U.S. Intellectual History Blog

Daniel Bell (1919-2011)

Daniel Bell passed away yesterday at his home in Cambridge, Massachusetts, at the age of 91.  Bell was, of course, a leading sociologist and public intellectual, whose long and fascinating career is, and will likely long be, of great interest to U.S. intellectual historians.  A leading Cold War liberal thinker in the 1950s, Bell later became a founding co-editor of The Public Interest which eventually made him a charter neoconservative, though Bell’s version of neoconservatism was always idiosyncratic. Irving Kristol declared that his college friend and co-editor represented the “social democratic wing” of neoconservatism. Bell, for his part, referred to himself as a right-wing social democrat, “a socialist in economics, a liberal in politics, and a conservative in culture.”

4 Thoughts on this Post

  1. I loved this passage from The End of Ideology (via the obit—bolds mine):

    As both a public intellectual and an academic, Mr. Bell saw a distinction between those breeds. In one of his typical yeasty digressions in “The End of Ideology,” he wrote: “The scholar has a bounded field of knowledge, a tradition, and seeks to find his place in it, adding to the accumulated, tested knowledge of the past as to a mosaic. The scholar, qua scholar, is less involved with his ‘self.’

    “The intellectual,” he went on, “begins with his experience, his individual perceptions of the world, his privileges and deprivations, and judges the world by these sensibilities.”

  2. I hope to write more later (crazy busy semester start and all), but Tim inspired me to share a couple lesser known Bell quotes on his sense of the place of the intellectual. First, from his 1946 essay “A Parable of Alienation,”

    “We reject the basic values of American society as they stand. The increasing centralization of decision, the narrowing of ideas of free moral choice, the extension into all domains, particularly the cultural, of the rationalized, stilted forms of mass organization and bureaucracy, the rising sense of nationalism as a product of war, all of these heighten the awareness that the way of life resulting from these pressures – the rawness, vulgarity, mass sadism, and senseless sybaritism, the money lust and barbaric extravagances – can only stifle creativity and free living.”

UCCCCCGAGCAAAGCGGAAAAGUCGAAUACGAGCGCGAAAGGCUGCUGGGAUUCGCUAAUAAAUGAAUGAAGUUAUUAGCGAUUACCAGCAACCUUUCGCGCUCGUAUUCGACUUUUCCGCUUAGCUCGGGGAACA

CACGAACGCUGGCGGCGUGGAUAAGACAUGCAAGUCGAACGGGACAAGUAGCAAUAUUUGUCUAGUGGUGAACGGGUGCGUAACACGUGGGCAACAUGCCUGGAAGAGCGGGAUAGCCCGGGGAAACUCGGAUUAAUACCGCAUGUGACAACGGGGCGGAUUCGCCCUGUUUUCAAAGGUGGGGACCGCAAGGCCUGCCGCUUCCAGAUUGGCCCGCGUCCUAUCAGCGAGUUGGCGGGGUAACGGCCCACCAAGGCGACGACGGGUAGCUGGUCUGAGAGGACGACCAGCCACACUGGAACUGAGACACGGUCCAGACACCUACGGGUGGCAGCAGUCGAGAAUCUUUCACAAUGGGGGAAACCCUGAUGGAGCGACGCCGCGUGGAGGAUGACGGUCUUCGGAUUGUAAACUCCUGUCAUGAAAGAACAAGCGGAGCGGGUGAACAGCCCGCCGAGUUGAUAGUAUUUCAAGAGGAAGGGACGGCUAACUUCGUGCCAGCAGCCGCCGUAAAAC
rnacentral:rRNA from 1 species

The second from his review of 1984 in the New Leader,

    “One has to live in the world and accept it in all its frightening implications. one has to live consciously and self-conscously, in the involvement and in the alienation, in the loyalty and in the questioning, in the love and in the critical appraisal. Without that persistent double image, we are lost. At least we can live in paradox.”

    Both quotes can be found in my larger discussion of Bell in Intellectuals Incorporated. Btw, I interviewed Bell in 2003 in his home. Though he tended to lose himself in recollections, he remained a sharp and engaging man, and was quite markedly willing to think reflectively about his past even as he intently sought to win me around to his way of thinking. I persist in thinking he is more important and original than he is usually given credit for being (he seems to be usually seen as either sadly lapsed radical, consensus-era sell out, or a peculiar variant of neo-con).

  3. Bell’s self-description of his worldview (which I had not read before) is uncannily like the one I have given to those who have asked (leaving aside for the moment the Buddhist spiritual orientation): “a Marxist in economics, a Social Democrat in politics, and a Confucian in culture.” Although I would forswear any identification whatsoever with what typically falls within the category of neo-conservatism. Of course the ripples from my worldview are found in a backyard puddle of rainwater, while those of Bell’s were….

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